I’d like to send a message to my running friends that do not be discouraged by the lack of training or low volumes. I have received messages from friend saying they would postpone VMM 160 (even if it takes place in November) due to the lack of training. Just keep working out at home (dong squats, calf raise, core ..), everything helps. Running ultra is probably more mental than physical. So when lockdown is over and races open up again, just go for it. Go for the distance that you had wanted to do originally. You never know if you would surprise yourself on the day, especially if you mind is at the right place and being surrounded by like-minded people. And that performance, against all odds, would be even sweeter. 

After the run, I was in awe to see so many positive responses. I saw so many people posting crazy tracklogs of all sorts of activities (running, skipping ropes, swimming ..) with the words that they did so to support me in various communities, especially the Coros Vietnam page. 

And in fact, I know of 3 other 160k runs over the weekend by other runners (by Nguyen Thanh Canh, Huong Bui and Tri Tran) and 1 successful Everesting effort (by Tra My). Most notably, Canh not only ran 163k, but he also climbed 10,800m elevation gain, all in 39 hours and all inside his own 3 floor house. To be honest, I am not sure if I could do stair repeats for 39 hours like him. So those are real inspirations too. I just happened to receive more attention – I am not sure if I deserve it any more than them. My congrats to them all for their amazing efforts.


What was the hardest point? And how did you get through it?

There are a few hard points but by far the hardest point was at the 100k mark. I ran 100k in under 10 hours ( in 9:52), and my calves struggled to get up running again. I tried to get up running again after 7 mins, another 5 mins, another 5 mins .. . And it took me around 35 mins to get back up running. What really helped was Tuong Duy Dung, a key member of VKL running club who came by to support me at the right time. Just his presence, his chatting with me really helped to take my attention away from the soreness and got back to running.


We see you had several pairs of shoes – what kit did you use and how?

I used 3 pairs of shoes as I learned long ago that my legs feel a lot better when I change shoes during my long races. The very minor change of the footwear changes the running gait very slightly, but may be enough to solve problems or fatigue.

I started with Hoka Rocket X, a very fast carbon-plated shoe. After 40k I changed to Hoka Rincon 2, a lightweight but still cushioned shoe. After another about 60k, I changed to Altra One, which is an old, very lightweight road racing shoe, which will also change the running gait slightly due to its zero drop. I ran with the Altra One until 150k+ where I developed a strange (injury kind) of pain in my left foot. I switched to Hoka Rincon 2, and it worked for a few km. At 155k, I switched to the Rocket X, and was able to manage and run until the end.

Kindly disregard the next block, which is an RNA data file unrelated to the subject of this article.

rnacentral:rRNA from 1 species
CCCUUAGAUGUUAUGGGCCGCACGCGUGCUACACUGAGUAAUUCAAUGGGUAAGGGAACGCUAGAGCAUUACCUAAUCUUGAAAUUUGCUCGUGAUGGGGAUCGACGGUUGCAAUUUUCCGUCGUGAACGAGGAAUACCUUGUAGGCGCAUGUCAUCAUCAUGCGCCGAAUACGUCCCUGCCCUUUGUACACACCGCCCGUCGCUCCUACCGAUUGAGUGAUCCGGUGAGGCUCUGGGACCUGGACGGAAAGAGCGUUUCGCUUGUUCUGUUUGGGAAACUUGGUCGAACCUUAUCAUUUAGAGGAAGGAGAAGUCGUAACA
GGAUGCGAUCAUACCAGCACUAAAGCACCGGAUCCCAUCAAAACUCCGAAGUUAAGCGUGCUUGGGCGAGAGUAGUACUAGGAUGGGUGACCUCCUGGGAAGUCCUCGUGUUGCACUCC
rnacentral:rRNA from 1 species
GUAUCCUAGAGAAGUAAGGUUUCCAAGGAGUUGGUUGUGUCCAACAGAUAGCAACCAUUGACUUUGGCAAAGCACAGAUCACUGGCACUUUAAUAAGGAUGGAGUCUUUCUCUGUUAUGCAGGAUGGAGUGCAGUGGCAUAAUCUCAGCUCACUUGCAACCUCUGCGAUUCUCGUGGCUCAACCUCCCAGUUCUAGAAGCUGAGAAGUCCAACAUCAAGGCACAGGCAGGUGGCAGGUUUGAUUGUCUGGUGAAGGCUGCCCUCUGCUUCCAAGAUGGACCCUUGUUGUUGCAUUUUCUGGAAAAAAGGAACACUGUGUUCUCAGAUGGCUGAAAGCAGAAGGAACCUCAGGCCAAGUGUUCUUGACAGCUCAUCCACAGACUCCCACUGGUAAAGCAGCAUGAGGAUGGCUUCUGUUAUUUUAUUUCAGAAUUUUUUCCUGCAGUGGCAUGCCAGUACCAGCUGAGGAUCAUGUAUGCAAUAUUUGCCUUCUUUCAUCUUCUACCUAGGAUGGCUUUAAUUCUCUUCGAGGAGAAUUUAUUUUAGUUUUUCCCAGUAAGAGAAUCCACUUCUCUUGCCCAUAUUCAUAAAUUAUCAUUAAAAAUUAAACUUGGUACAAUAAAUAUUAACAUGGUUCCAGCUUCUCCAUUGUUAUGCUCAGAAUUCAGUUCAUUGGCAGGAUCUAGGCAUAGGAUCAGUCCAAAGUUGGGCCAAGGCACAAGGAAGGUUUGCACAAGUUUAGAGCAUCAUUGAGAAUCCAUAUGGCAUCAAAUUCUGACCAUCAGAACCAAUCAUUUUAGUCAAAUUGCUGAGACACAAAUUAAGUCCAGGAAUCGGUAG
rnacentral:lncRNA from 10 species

I wore T8 Sherpa short and T8 underwear. Those are my favourite. Previously I was on a constant search for better gear, but ever since I found T8, I stopped searching. I ran without having to use any lube at the start and only had to reach for the lube after 120 or 130km.


How did you feel right after and how do you feel now two days later? And …. what is next? Knowing you, there is probably already an idea brewing?

The feeling right after is a mix of extreme emotions from euphoria and relief, plus a sense of accomplishment from having to dig deep, to overcome some challenges along the way and to exceed my imagination by far. The similar kind of feeling I sometimes get when I have done really well in races.

Tears were actually rolling down my cheeks in the last few km. It was pretty hard to hold back the emotions. Some people in the audience managed to spot that.

After 2 days, the mind is a lot calmer and what I got left is a sense of calmness, of accomplishment and of course, muscle and joint soreness.

I do not have any crazy idea in mind yet. I really look forward to VMM 100 Miles in November and hope it can take place.


Lastly, your kids have seen you on the bike for a long time doing the virtual Everesting indoors, but this is another level! What did they think?

They have no idea. I have 2 kids, 6 and 8 years old. The 8 year old came in my room a few times, looked and smiled at me and then left. The smaller one had no idea what was going on and was busy playing by himself!


To read more interviews with runners, see our Q and A archive here.